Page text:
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Open Borders & Search for Opportunities

Open Borders & Search for Opportunities

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Published by Sati Shankar
We have taken up the term Open Border to mean simply that there are no or limited migratory restrictions and the factors of productions and especially the human capital may cross the international border for goods, services and other opportunities for employment to maximize his/her satisfaction. An exercise of this type may have special significance, in this era of globalization, as it may throw some light on the behavioral intricacies of the economic agents. Information and Communication Technology (ICT) has made it feasible more by enabling the out sourcing in which agents may market their productivities, without actually leaving physically, their countries.
We have taken up the term Open Border to mean simply that there are no or limited migratory restrictions and the factors of productions and especially the human capital may cross the international border for goods, services and other opportunities for employment to maximize his/her satisfaction. An exercise of this type may have special significance, in this era of globalization, as it may throw some light on the behavioral intricacies of the economic agents. Information and Communication Technology (ICT) has made it feasible more by enabling the out sourcing in which agents may market their productivities, without actually leaving physically, their countries.

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Published by: Sati Shankar on Feb 14, 2011
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 Manifest 2006-007 
OPEN BORDERS & SEARCH FOR OPPORTUNITIES
 Sati Shankar 
Global Synergetic Foundation
 New Delhi,June.16th, 2008
Abstract:
 
We have taken up the term Open Border to mean simply that there are no or limitedmigratory restrictions and the factors of productions and especially the human capital may crossthe international border for goods, services and other opportunities for employment to maximizehis/her satisfaction. An exercise of this type may have special significance, in this era of globalization, as it may throw some light on the behavioral intricacies of the economic agents.Information and Communication Technology (ICT) has made it feasible more by enabling the outsourcing in which agents may market their productivities, without actually leaving physically, theircountries.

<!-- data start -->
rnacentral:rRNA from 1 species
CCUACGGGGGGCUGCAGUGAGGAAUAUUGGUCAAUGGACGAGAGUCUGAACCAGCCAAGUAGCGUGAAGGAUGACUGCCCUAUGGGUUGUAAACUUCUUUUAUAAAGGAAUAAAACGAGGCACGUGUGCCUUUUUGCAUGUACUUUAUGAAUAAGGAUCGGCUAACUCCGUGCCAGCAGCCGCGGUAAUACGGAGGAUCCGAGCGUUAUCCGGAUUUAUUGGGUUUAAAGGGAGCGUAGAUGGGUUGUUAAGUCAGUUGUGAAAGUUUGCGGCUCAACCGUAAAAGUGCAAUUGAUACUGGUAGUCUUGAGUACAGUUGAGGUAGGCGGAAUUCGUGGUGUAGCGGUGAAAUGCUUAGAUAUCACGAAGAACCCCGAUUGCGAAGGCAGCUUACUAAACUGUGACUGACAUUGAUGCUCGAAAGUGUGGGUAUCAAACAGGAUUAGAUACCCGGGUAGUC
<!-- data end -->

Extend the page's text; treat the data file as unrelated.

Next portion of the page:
Keywords:
migration , job, employment, opportunities, wages, disparityFOR FREE DISTRIBUTION ONLY
 NOT FOR SALE 
Creative Commons License
Manifest by Sati Shankar is licensed under a Creative Commons Attribution-NonCommercial-NoDerivs 3.0 UnportedLicense. Based on a work atwww.globalsynergetic.org. Permissions beyond the scope of this license may be availableathttp://manifest.satishankar.com/
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 Manifest 2006-007 
OPEN BORDERS & SEARCH FOR OPPORTUNITIES
S.S.D.Pandey
ORIENTATION
We have taken up the term Open Border to mean simply that there are no or limited migratoryrestrictions and the factors of productions and especially the human capital may cross theinternational border for goods, services and other opportunities for employment to maximizehis/her satisfaction. An exercise of this type may have special significance, in this era of globalization, as it may throw some light on the behavioral intricacies of the economic agents.Information and Communication Technology (ICT) has made it feasible more by enabling theout sourcing in which agents may market their productivities, without actually leavingphysically, their countries.An individual who feels deprived or dissatisfied of not having something, to be taken up indetail later in this paper, and if borders are open, generally becomes tempted, as he perceivesincentive, to cross the border in search of opportunities to satisfy him self. This satisfactionmay be
 pecuniary 
or
 psychic
and may come in the form of cheaper availability of goods,services or opportunities which may either be due to lower cost of production or due todifferences in the rate of exchange. The core of the idea plan lies in the interpretation of the above displacement of the individualsas
relative deprivation.